Heading down from Jaisalmer to our next stop – Khuri, we stopeed on the Sam Sand Dune – the most famous dune just next to the city, frequently visited by desert safari amateurs and all other ones who, like us, where curious how the REAL desert look like.
We could feel it perfectly in Khuri, were eventually we stayed for 3 whole days. It was brilliant! Surrounded by locals and other guest house visitors (mostly Japanese and Koreans ; they were taking turnes ;) ), we could feel the life plodding along in such a small village just next to the local buisness based on Camel Safaris. Dogs, cows, goats and camels were always around. And kids, always behind ;) We spent 3 peaceful and relaxing days, with long walks and sunsets on a desert, chai's in a local stall and fabulous food served by a family we were staying with. The guest house was run by Arjun's family in small, traditionally made (with clay) huts with thatched roofs. Gorgeous, I was enchanted. They were serving 3 meals a day, moreover included in a very small price of the huts rental, mainly because of lack of eating places of any sort. I fell in love with a very simple but how fabulously delicious breakfast dish – sweet paratha (still warm, directly from a pan) with indian chai, to which I've been longing almost every day since... Aww!
In the village:
|a girl from the village|
We got acquainted with a polish guy, who got there coincidentally with an Indian family from Mumbai, giving him a lift and a free sightseeing along the way ;) He was after his mates he met the other day, somewhere, who told him they're going to be in this particular village. Yet he didn't know where and where exactly, anyway despite that he got to the right place somehow just a few hours after them, finding out about that fact from our host: Arjun:) Such a small world! Michał became our companion for those days in the village and we'll try to find a way to get our paths crossed again in the future surely.
Afterwards, we took off towards Mount Abu (a hill station) in the very south of Rajasthan, next to the Gujarat's border. We had a stop in a small town (where we stayed for 100 rupees per nigt, with a very excited about having us owner of that place ;)) and the next day, after morning chai brought directly to our room by a funny hindi-speaking little elder chap, reaching our destination point. How exicted and astonished we were passing by and leaving behind a semi-dry and desert landscape of the Thar region and finding a thriving with more greenery landscape along. The way along was definitely one of the thoughest one, scattered with small villages and, therefore, plentiful of speed breakers. Then Mt Abu surprised us with how touristic it turned out to be, mainly because of the Christmas time coming soon. Unfortunatelly, according to that, the prices rised up drastically, but even though we stayed there for a 3 days. At its footstep we were invited for a lunch (a pretty affluent meal with a new portion aproximately every 3 minutes) by a member of Brahma Kumaris – well known worldwide (not by us until then though, I must admit ashamed) as the World Spiritual University, followers of the Solar Supreme philosophy. In the town itself we took some strolls amongst there-lying mountains and saw the Jain temple which is meant to be one of the most intricate and prominent ones. It was indeed breathtaking, but taking a camera for a visit was strictly prohibited hence no pictures to show off with... The temple was 1000 years old and had loads of us-alike figures carved in the marble on every ceiling – is to say: long (stretched) ears Jain gods;> Thereafter people were awed with us there, that's what our impression was because of a huge interest in our appearances all along the visit (more staring and pointing at us than usual, hehe).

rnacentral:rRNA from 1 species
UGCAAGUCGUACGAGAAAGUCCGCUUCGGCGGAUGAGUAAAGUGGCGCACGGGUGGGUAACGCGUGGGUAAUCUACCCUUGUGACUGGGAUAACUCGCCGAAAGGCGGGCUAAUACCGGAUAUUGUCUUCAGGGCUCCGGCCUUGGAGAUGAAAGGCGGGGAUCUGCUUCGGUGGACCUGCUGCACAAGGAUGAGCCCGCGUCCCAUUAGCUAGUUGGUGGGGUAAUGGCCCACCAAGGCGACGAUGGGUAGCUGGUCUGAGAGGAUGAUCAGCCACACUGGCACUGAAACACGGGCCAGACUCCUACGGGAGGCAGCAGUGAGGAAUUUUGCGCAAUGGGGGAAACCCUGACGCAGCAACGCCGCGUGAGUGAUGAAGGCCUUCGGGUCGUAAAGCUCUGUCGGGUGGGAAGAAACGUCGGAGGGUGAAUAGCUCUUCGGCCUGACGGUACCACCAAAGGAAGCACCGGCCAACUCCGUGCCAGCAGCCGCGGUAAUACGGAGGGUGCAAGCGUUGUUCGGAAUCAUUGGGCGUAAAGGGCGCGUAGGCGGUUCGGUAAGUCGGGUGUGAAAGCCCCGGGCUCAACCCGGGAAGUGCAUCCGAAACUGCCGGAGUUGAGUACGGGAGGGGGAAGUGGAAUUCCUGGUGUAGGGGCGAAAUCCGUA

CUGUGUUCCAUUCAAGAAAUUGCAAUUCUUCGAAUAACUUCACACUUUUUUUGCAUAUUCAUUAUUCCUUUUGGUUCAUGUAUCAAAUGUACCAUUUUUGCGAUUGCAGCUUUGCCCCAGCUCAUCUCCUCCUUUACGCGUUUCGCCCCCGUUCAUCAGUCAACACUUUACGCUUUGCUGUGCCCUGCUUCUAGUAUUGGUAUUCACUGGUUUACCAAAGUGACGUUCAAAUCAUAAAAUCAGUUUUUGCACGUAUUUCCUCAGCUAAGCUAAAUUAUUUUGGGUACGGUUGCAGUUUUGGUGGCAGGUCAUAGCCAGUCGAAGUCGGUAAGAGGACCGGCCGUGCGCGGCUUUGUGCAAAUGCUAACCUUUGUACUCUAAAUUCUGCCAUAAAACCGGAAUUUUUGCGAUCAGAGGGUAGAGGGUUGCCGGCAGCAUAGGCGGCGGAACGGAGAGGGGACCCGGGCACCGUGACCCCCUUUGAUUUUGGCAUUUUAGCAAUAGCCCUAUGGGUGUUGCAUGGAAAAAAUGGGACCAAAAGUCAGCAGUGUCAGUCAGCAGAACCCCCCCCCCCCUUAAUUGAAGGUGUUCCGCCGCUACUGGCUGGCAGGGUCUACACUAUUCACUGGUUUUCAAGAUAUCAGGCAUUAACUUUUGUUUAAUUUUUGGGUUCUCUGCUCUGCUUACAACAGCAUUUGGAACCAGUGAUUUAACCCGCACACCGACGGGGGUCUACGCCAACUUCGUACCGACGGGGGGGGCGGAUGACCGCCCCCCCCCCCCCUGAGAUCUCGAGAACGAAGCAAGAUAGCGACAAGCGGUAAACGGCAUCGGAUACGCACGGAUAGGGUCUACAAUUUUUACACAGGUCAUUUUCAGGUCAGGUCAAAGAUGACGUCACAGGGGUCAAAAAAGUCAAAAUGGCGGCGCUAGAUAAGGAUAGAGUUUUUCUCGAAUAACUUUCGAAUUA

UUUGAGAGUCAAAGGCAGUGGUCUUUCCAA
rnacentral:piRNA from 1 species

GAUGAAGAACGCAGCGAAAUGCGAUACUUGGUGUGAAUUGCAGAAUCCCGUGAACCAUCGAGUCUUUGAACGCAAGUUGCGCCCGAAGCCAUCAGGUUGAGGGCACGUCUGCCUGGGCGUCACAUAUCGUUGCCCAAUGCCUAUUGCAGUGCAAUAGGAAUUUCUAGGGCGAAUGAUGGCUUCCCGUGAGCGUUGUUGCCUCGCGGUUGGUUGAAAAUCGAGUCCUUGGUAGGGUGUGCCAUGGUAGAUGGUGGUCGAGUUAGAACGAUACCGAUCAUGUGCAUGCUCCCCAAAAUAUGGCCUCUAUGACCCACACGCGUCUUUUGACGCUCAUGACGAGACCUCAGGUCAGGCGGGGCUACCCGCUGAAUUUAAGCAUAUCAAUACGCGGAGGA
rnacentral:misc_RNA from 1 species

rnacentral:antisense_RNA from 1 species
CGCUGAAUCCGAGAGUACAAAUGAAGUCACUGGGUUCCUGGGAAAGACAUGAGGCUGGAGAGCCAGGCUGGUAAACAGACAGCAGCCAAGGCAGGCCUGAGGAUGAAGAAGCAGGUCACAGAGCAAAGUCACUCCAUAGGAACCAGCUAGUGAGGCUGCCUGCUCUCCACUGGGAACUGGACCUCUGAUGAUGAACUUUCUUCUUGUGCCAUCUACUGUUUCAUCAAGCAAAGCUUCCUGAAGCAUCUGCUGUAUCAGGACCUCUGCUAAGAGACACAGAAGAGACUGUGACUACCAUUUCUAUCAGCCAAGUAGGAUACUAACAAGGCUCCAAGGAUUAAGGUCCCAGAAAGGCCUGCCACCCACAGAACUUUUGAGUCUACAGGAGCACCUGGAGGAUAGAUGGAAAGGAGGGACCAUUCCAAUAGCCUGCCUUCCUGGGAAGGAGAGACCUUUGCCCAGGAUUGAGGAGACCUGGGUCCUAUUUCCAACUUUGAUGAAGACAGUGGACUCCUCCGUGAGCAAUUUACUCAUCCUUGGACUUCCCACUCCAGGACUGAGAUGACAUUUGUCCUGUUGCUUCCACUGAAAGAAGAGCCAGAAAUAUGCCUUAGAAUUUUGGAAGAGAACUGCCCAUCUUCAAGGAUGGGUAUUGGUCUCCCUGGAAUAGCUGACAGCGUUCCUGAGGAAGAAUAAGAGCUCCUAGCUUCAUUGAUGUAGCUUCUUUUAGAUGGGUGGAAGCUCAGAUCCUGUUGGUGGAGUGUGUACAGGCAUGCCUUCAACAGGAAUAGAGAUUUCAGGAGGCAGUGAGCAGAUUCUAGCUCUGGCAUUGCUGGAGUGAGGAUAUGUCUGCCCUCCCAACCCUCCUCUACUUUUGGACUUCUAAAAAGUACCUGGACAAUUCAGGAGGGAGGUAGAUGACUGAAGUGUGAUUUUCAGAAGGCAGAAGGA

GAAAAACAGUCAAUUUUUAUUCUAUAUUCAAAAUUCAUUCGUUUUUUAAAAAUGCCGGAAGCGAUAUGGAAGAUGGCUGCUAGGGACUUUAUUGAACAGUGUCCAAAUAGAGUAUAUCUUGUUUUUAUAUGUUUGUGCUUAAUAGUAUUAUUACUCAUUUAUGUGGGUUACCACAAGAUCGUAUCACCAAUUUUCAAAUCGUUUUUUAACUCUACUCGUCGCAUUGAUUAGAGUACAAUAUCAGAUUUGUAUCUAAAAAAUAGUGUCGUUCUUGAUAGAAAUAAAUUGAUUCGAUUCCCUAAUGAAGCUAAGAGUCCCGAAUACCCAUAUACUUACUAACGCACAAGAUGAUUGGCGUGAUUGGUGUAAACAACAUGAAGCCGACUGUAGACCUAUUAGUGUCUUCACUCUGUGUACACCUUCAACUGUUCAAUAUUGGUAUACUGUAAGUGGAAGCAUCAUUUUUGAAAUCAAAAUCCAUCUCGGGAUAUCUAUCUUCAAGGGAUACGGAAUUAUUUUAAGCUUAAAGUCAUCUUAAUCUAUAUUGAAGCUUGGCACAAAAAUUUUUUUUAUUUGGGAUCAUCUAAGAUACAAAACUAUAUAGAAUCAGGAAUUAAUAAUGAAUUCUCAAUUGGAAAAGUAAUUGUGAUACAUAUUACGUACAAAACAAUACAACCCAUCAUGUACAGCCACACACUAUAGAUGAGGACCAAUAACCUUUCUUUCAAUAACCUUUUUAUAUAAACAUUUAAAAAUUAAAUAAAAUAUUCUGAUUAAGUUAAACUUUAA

Notice: In Mt Abu we accomplished the next distance treshold: 2000 km of our journey, hurray! :) (in Jodhpur it was 1000km on the meter!)
Mt Abu in pictures (and our eyes ;)):
The place we were staying in was pretty obscure, so we were quite happy to jump on a bike after those couple of days and from a hilly landscape take a ride down toward a valley, where Udaipur is located, following the recommendation of Michał, our mate from Khuri. We found it quite interesting, but surely more expensive than other places we've visited till now. On the Christmas Eve we were absolutely knackered, so we didn't even make any effort to pop out and have a nice time out with some unusual dinner time. Just called both parents through skype (that became a big effort actually..) and hit the sack as quickly as possible in our nice and tidy room. On the Christmas Day we went to an exceptional fare with handmade products and exposition of the traditional ways of sugarcane pressing, oats smashing, painting, sewing and rare instruments playing. Fabulous time, ended up with live performances – traditional dances and singing, getting us across different regions of the whole Indian country. Just before the fare, we were just wandering along the city and grabbed some parathas with curd from the street stalls – in a very, indeed, „charming location”:
Another exciting day, even more because winded up with a great dinner on a rooftop overlooking the part of the city with marvellous lakes around, and fireworks :)
|Sugar cane's juice, freshly pressed|
|Sugar cane pressing|